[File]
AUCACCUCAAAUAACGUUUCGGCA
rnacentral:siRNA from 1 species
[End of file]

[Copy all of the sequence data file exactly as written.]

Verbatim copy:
AUCACCUCAAAUAACGUUUCGGCA
rnacentral:siRNA from 1 species